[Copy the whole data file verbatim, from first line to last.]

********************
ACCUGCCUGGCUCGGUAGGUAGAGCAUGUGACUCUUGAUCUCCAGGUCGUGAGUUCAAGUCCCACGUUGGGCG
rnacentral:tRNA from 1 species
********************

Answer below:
ACCUGCCUGGCUCGGUAGGUAGAGCAUGUGACUCUUGAUCUCCAGGUCGUGAGUUCAAGUCCCACGUUGGGCG
rnacentral:tRNA from 1 species